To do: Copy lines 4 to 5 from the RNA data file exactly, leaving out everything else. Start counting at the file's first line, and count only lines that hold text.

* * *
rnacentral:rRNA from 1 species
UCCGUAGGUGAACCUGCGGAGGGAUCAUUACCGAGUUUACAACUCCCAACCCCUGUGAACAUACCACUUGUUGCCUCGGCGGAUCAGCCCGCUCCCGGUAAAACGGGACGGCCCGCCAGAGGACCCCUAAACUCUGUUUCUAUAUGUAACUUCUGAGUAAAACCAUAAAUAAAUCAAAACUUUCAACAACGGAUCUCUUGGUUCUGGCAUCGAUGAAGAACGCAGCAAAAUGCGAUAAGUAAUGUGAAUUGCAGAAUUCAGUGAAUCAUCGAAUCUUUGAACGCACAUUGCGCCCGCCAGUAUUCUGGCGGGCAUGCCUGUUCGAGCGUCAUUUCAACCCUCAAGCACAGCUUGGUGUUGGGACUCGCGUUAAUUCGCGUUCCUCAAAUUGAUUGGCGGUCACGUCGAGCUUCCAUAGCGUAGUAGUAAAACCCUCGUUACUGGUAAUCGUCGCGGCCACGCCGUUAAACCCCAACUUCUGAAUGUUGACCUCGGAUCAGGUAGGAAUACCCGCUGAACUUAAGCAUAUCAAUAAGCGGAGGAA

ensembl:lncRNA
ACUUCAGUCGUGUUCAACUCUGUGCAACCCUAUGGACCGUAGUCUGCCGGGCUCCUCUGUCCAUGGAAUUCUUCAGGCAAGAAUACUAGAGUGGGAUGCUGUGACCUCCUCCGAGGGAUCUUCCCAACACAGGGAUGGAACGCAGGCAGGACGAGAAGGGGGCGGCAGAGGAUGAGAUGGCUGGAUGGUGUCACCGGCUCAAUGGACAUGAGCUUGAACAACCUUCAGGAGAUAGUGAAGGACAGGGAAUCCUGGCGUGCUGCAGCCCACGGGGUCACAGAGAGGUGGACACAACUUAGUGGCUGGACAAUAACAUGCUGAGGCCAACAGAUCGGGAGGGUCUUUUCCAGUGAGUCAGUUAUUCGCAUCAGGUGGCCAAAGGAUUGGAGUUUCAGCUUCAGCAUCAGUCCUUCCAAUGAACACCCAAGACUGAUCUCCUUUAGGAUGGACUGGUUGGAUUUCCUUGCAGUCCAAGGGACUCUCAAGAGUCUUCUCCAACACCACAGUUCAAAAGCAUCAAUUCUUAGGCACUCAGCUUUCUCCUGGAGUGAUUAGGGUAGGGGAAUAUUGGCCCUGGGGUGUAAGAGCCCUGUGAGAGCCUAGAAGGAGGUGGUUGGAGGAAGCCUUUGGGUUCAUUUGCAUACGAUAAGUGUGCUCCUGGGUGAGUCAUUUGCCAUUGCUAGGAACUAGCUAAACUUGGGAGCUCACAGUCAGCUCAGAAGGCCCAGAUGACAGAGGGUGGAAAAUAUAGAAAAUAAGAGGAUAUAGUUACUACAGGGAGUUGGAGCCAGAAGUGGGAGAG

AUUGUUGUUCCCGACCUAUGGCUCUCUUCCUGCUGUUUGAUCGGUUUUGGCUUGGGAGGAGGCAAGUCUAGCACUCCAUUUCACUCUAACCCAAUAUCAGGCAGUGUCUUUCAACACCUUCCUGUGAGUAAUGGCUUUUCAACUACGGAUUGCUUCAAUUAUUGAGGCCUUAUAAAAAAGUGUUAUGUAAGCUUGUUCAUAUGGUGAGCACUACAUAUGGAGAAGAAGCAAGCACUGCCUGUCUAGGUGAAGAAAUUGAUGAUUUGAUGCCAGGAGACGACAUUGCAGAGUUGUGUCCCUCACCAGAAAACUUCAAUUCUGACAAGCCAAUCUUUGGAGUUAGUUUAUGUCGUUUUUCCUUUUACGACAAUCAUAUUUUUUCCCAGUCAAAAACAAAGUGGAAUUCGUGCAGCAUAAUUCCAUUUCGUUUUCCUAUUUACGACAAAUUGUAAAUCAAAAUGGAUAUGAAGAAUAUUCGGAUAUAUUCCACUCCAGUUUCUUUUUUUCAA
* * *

ACUUCAGUCGUGUUCAACUCUGUGCAACCCUAUGGACCGUAGUCUGCCGGGCUCCUCUGUCCAUGGAAUUCUUCAGGCAAGAAUACUAGAGUGGGAUGCUGUGACCUCCUCCGAGGGAUCUUCCCAACACAGGGAUGGAACGCAGGCAGGACGAGAAGGGGGCGGCAGAGGAUGAGAUGGCUGGAUGGUGUCACCGGCUCAAUGGACAUGAGCUUGAACAACCUUCAGGAGAUAGUGAAGGACAGGGAAUCCUGGCGUGCUGCAGCCCACGGGGUCACAGAGAGGUGGACACAACUUAGUGGCUGGACAAUAACAUGCUGAGGCCAACAGAUCGGGAGGGUCUUUUCCAGUGAGUCAGUUAUUCGCAUCAGGUGGCCAAAGGAUUGGAGUUUCAGCUUCAGCAUCAGUCCUUCCAAUGAACACCCAAGACUGAUCUCCUUUAGGAUGGACUGGUUGGAUUUCCUUGCAGUCCAAGGGACUCUCAAGAGUCUUCUCCAACACCACAGUUCAAAAGCAUCAAUUCUUAGGCACUCAGCUUUCUCCUGGAGUGAUUAGGGUAGGGGAAUAUUGGCCCUGGGGUGUAAGAGCCCUGUGAGAGCCUAGAAGGAGGUGGUUGGAGGAAGCCUUUGGGUUCAUUUGCAUACGAUAAGUGUGCUCCUGGGUGAGUCAUUUGCCAUUGCUAGGAACUAGCUAAACUUGGGAGCUCACAGUCAGCUCAGAAGGCCCAGAUGACAGAGGGUGGAAAAUAUAGAAAAUAAGAGGAUAUAGUUACUACAGGGAGUUGGAGCCAGAAGUGGGAGAG

AUUGUUGUUCCCGACCUAUGGCUCUCUUCCUGCUGUUUGAUCGGUUUUGGCUUGGGAGGAGGCAAGUCUAGCACUCCAUUUCACUCUAACCCAAUAUCAGGCAGUGUCUUUCAACACCUUCCUGUGAGUAAUGGCUUUUCAACUACGGAUUGCUUCAAUUAUUGAGGCCUUAUAAAAAAGUGUUAUGUAAGCUUGUUCAUAUGGUGAGCACUACAUAUGGAGAAGAAGCAAGCACUGCCUGUCUAGGUGAAGAAAUUGAUGAUUUGAUGCCAGGAGACGACAUUGCAGAGUUGUGUCCCUCACCAGAAAACUUCAAUUCUGACAAGCCAAUCUUUGGAGUUAGUUUAUGUCGUUUUUCCUUUUACGACAAUCAUAUUUUUUCCCAGUCAAAAACAAAGUGGAAUUCGUGCAGCAUAAUUCCAUUUCGUUUUCCUAUUUACGACAAAUUGUAAAUCAAAAUGGAUAUGAAGAAUAUUCGGAUAUAUUCCACUCCAGUUUCUUUUUUUCAA